TRANSLATING BERLIOZ

By Alastair Bruce

© 2003 Alastair Bruce

    My experience of translating Berlioz is essentially limited to one book – Les Grotesques de la Musique, his second compilation (after Les Soirées de l’Orchestre) of pieces from his feuilletons – the regular critical articles and reviews he wrote, mostly for the Journal des Débats. My translation has now been published in the current bicentenary year by the University of Rochester Press, with The Musical Madhouse as its English title.

    To enhance my credentials (or possibly not!), I should say that I have probably by now translated this shortish volume at least three times, over a period of some twenty years. I started in 1982, with the aim of producing a version for the Berlioz Society Bulletin of the whole work – the only one of Berlioz’s books of which there had never been a complete English translation. The results appeared in sixteen instalments in Bulletins 115 to 131, from 1982 to 1987. This was a somewhat literal translation, which could fairly be described as ‘rough and ready’. It also omitted several sections that had previously appeared in the Bulletin in versions by Lisa Goulding and Joan Hills (I added these afterwards), and it included no commentary.

    Some ten years later, during 1997 and 1998, I decided to revise and improve this version – largely for my own satisfaction, although with an eye to the possibility of eventually getting it published. This became a major reworking, during which I received great encouragement and support from Hugh Macdonald, who was eager to see an English version published. By the end of it I had a much improved, and complete, translation, but still with many deficiencies and no notes. During late 2001 I picked up the draft once more, with a view to getting it definitively into publishable form in time for the bicentenary year. As I reviewed the text, I found numerous places where further polishing was needed – either for greater accuracy, or to capture Berlioz’s own tone and style more closely, or to be more easily intelligible for a modern English-speaking readership.

    By the time this process was complete, the University of Rochester Press had agreed to publish the translation, which created a whole new workload: producing notes, identifying sources (for which I have relied wholly on Professor Léon Guichard’s Gründ edition, published in 1969), writing a Translator’s Note, creating an Index, finding illustrations (with great help from Richard Macnutt), and no doubt further tasks still to come – everything, in fact, except producing an Introduction, which has been done in magnificent fashion by Hugh Macdonald, encapsulating everything necessary with his usual fluency, wit and concision.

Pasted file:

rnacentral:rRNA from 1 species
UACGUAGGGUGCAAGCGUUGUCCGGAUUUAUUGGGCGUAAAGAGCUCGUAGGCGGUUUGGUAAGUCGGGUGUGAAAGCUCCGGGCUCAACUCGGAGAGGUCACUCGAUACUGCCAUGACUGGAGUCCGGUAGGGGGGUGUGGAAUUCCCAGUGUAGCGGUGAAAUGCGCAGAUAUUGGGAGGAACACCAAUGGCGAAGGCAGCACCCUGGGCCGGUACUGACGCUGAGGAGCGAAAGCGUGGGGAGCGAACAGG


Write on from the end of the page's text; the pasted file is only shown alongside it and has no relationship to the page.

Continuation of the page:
So although my experience of translating Berlioz is hardly wide, it is certainly deep! And in general, of course, it is a pleasure to do, because his prose is almost always well-written, clear, and with humour never far below the surface.

    The principal challenge, as with all translation, is to produce a text that is as close as possible to conveying Berlioz’s own tone and style, as well as his meaning, in English. The trick is to end up with what he might have written, not what you would write – one of the dangers of which I became aware as I went over parts of the text for the third (or fourth, or fifth) time was that of polishing it too much, and producing a version reflecting what I felt he should have written rather than what he actually did write.

    The novice Berlioz translator’s morale is hardly improved by the fine examples he has to follow. Jacques Barzun in his Evenings with the Orchestra, David Cairns in his translation of the Memoirs, and Hugh Macdonald in his recent edition of Berlioz’s Orchestration Treatise, have all succeeded brilliantly in conveying the real Berlioz. They know him so well that they seem quite naturally to reproduce his authentic tone of voice, although I am sure the apparent ease with which they achieve this belies the amount of hard work involved. I can only hope to achieve a little of their facility and fluency in my own translation.